Written vs Oral Communication qualities Qualities of written communication: Adherence to grammar conventions – correct sentence structure, subject-verb agreement, etc. Correct spelling and punctuation Elevated, formal vocabulary Clarity – through succinct sentences, sentence variety, properly placed modifiers, etc Qualities of oral communication:
Simple sentence structure
The use of first- and second- person pronouns (I and you)
The speaker’s individual style
Adaptions to the listeners’ language style (if known)
The use of contractions
The use of repetition for emphasis and effect
Occasional jargon, slang, and colloquialisms
Listening uphill: asking your audience to work too hard – not smart speaking. It makes for ineffective speaking because it increases the chances that you’ll lose your audience’s attention and interest. (Good listening requires energy and engagement on the part of the audience however)
Understanding the Public Communication Process (components)
3. Frame of reference
“Power of the Podium” : refers to the inherent respect that public communicators enjoy as soon as they approach the speaking space.
Encoder: the person delivering the speech, the sender. As the encoder, you create meaning by taking the ideas in your mind and translating them into various codes perceptible to others, such as words, gestures, facial expressions, and tone of voice.
Decoder: the audience members (the receivers). They are the listeners who assign and create meaning from the speaker’s words and behaviors.
Performance vs Communication Orientation
The speaker perceives the need for perfection and views the speaking event as a competition
The speaker’s focus turns inward to the performing self, inviting uncertainties and anxieties
The speaker strives for perfect delivery skills, resulting in artificiality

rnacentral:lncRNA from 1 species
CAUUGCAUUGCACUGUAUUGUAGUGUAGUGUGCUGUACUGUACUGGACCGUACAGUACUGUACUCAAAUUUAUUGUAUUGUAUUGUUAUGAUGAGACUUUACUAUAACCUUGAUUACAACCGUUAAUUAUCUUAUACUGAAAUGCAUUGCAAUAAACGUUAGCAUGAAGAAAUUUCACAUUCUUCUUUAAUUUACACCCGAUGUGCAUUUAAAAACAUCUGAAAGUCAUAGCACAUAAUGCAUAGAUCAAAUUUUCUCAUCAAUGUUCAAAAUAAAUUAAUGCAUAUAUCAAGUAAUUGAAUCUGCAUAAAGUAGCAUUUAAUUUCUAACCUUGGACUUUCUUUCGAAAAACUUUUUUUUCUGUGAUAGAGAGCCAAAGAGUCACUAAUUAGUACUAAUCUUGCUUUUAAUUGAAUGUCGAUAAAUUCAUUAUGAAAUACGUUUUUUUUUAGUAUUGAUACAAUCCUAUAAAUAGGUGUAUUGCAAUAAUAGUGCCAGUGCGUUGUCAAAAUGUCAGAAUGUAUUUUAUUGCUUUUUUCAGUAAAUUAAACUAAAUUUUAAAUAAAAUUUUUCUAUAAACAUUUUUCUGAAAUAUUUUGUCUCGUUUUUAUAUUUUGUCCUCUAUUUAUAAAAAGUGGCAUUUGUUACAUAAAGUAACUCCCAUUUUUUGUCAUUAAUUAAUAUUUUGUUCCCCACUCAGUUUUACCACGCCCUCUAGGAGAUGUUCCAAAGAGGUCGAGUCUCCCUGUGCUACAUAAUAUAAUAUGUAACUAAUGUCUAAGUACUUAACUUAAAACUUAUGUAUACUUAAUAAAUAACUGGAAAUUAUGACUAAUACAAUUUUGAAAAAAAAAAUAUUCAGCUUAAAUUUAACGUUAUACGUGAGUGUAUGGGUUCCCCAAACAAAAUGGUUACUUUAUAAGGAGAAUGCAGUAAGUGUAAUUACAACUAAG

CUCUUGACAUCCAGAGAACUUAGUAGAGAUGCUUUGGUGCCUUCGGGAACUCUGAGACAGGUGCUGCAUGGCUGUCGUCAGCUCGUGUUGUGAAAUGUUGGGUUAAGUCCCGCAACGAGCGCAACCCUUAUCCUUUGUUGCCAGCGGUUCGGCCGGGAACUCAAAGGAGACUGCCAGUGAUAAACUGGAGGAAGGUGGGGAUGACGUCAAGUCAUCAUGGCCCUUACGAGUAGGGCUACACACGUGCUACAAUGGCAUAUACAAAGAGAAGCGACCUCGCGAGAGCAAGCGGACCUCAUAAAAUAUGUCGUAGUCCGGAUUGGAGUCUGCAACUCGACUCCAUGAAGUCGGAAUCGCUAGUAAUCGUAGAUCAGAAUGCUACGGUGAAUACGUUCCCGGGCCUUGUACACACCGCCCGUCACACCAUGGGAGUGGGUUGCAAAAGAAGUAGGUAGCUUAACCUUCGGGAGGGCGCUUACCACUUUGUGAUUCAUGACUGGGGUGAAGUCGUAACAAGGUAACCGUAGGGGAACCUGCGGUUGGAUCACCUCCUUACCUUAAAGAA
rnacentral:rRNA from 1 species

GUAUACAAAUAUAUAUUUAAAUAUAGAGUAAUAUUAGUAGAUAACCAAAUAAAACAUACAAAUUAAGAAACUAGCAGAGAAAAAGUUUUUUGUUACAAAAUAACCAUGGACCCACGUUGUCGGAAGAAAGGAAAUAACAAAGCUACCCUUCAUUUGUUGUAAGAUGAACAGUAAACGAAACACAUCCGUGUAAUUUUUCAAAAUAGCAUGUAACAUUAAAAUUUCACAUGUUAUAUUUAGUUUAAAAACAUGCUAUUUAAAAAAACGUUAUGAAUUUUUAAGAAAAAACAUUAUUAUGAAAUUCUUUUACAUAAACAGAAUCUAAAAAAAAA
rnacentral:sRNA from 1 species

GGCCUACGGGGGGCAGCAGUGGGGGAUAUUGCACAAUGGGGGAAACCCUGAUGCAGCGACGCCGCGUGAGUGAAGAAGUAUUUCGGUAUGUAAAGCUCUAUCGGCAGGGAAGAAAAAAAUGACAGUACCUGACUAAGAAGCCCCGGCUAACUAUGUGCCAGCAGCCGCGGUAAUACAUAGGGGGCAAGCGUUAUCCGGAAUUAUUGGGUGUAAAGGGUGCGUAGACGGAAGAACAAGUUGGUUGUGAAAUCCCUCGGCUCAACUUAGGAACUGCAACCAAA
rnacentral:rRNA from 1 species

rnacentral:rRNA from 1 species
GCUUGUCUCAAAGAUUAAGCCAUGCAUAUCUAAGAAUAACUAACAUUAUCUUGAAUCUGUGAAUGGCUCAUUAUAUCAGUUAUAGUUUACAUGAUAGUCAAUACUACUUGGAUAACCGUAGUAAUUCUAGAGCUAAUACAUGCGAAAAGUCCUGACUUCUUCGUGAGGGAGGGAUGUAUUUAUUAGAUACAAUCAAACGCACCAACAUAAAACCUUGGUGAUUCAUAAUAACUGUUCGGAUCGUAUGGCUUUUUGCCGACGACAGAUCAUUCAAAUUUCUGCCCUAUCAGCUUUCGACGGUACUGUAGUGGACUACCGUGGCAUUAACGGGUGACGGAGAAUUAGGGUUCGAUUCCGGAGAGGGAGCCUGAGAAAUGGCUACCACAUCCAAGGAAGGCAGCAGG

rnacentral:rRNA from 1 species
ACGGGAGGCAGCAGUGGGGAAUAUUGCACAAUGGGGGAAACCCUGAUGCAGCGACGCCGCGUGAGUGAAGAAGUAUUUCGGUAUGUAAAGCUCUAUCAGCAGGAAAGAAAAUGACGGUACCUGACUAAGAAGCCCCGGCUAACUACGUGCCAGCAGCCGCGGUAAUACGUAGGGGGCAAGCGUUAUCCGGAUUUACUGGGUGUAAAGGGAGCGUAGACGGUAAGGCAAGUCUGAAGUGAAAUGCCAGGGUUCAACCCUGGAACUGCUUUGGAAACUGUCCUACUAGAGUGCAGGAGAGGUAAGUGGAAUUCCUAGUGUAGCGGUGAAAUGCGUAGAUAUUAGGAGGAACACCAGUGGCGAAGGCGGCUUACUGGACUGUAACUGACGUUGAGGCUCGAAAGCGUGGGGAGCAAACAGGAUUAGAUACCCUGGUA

The needs of the audience become secondary
Listeners are invited to unleash their inner critic
The speaker relies on their communication experience and applies it to the public speaking context
The speaker’s focus is outward, toward the audience and the exchange of ideas
The speaker uses natural delivery skills, like those used in important conversation
The needs of the audience remain primary
Listeners are likely to remain in communication mode and respond with constructive feedback and discussion
Speaker’s energy: a communication-oriented word. Instead of negative emotions, associate adrenaline flow with positive emotions like this one. Speaker’s energy makes your eyes bright, brings liveliness to your voice, helps you think on your feet, and gives you confident posture.
SWOT: Strengths, weaknesses, opportunities, and threats. A SWOT analysis is a tool that businesses and organizations use to distinguish themselves from their competitors and successfully compete in their markets. In public speaking, we use it to identify our current strengths and opportunities.
CRAAP: a tool for assessing the credibility of a research source. Stands for:
Currency: the timeliness of the info
Relevance: the importance of the info for your needs
Authority: the source of the info
Accuracy: the reliability, truthfulness, and correctness of the info content
Purpose: the reason the info exists
Thesis vs False Thesis
Thesis: one main idea to which everything else in your presentation connects. Has one central idea and the main points are inevitable and not easily substitutable.
False Thesis: when you explore a topic from several random angles yet leave listeners with no single coherent new perception of their world.
Sub points vs Supporting Details
Sub points: ideas that support a main point. Nearly all main points have sub points, typically two or more of them.